Brighton Festival 2017Public booking opens: Fri 24 Feb, 9am

Interview: Julian Clary discusses The Bolds on Holiday

Comedian, entertainer and author Julian Clary and illustrator David Roberts will be at Brighton Festival on 13 May to read two stories from the fantastically funny The Bolds series: The Bolds to the Rescue and new instalment The Bolds on Holiday! Here, Julian discusses the new The Bolds book and what inspired his book series.

Your children's books, The Bolds, have been hugely successful. How does writing for children compare to writing for adults?

It's delightful; I just have such a lovely time writing them. Making children laugh is a whole new thing for me, it's lovely. I’ve been doing lots of book events for children and it’s a delight – because they’re not pretending to laugh to please you. It’s a question of entering into that innocent world, a whole new world… it's obviously a world away from my usual filth but that’s liberating. It’s been a revelation.

Where did the inspiration come from for The Bolds?

From my childhood in Teddington. This is written from my point of view as a 7-year-old, because I used to daydream about the neighbours then, and wondered if they were animals. So when it came to writing the book I just regressed and that’s the story that came out. If you had asked me as a child what I wanted to do, it was be a writer.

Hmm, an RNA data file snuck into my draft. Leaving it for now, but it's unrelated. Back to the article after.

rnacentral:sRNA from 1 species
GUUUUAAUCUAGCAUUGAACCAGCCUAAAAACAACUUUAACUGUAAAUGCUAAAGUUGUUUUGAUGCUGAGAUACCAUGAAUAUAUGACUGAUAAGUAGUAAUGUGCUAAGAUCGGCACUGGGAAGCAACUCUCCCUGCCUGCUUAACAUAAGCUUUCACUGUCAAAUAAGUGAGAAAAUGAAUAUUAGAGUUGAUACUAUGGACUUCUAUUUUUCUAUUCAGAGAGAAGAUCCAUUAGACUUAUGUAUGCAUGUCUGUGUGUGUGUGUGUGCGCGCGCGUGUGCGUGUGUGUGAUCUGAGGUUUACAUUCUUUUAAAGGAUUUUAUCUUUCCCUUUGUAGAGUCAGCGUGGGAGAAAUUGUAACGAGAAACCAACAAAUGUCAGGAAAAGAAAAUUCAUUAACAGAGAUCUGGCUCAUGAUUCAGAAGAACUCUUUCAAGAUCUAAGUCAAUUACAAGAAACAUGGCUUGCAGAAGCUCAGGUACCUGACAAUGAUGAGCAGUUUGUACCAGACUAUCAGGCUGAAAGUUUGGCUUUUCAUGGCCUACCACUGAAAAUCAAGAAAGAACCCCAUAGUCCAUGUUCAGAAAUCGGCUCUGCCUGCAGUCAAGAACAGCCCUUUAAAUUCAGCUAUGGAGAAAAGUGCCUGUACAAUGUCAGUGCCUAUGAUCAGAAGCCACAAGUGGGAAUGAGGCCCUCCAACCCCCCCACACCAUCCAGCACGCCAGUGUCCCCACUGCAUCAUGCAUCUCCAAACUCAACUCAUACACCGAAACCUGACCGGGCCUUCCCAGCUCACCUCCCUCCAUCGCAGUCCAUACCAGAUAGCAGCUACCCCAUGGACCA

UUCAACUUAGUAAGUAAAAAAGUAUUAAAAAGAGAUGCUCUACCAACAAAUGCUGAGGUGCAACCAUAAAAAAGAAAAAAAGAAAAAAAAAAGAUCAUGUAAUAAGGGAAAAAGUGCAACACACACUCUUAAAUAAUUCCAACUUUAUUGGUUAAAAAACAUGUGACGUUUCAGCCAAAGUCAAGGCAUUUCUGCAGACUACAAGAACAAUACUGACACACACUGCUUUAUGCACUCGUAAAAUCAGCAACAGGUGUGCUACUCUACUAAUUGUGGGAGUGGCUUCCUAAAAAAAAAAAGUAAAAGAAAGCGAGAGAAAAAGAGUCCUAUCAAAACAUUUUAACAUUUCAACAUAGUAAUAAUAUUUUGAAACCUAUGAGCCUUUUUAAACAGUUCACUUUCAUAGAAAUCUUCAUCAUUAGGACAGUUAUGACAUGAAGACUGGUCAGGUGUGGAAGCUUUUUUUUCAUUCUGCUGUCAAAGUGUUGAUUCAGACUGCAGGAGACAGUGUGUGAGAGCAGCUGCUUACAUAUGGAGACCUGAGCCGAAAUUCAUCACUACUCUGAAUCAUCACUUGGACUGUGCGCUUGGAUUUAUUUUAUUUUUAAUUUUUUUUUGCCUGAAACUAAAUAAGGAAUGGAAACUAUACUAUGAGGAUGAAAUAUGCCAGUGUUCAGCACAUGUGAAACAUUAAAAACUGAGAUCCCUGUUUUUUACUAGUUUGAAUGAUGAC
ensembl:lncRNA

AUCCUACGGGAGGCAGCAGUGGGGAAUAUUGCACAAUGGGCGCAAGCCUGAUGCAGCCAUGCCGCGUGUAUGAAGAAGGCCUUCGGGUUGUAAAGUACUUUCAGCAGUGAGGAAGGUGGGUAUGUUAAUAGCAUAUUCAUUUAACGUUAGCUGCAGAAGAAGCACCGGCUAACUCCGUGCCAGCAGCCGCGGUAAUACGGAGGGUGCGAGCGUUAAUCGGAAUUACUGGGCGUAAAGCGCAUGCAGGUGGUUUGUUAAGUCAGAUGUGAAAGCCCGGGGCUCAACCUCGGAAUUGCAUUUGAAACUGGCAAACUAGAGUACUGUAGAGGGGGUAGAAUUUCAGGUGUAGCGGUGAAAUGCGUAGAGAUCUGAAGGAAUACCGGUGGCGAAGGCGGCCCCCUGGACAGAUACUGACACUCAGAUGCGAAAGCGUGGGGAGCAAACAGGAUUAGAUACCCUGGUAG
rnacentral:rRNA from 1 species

I was very interested in Africa as a child and I was a member of the World Wildlife Fund. I’ve always liked hyenas, and once I heard my neighbours’ cackling laughs, I made up the story that they must be hyenas in disguise. I have always thought that animals are just as clever as humans. That’s where the story came from.

What about the new addition, The Bolds on Holiday? Why Cornwall?

I have such fond childhood memories of holidays by the sea in Cornwall, and St Ives, where I’ve set this book. It’s been so lovely to relive those happy times as I wrote this third story.

Why do you think they resonate so well with children?

It's not for me to say, really. But I think they're funny and morally sound, and very plot driven. I guess because I enjoy writing them so much that somehow comes across.

Will you continue with The Bolds or do you have a plan for a different series?

The Bolds are alive and well in my mind, so it's all about them. It's a bit like the Just William books, of which there were about 45. I feel like I can go on and on with them. Whether the public want me to or not.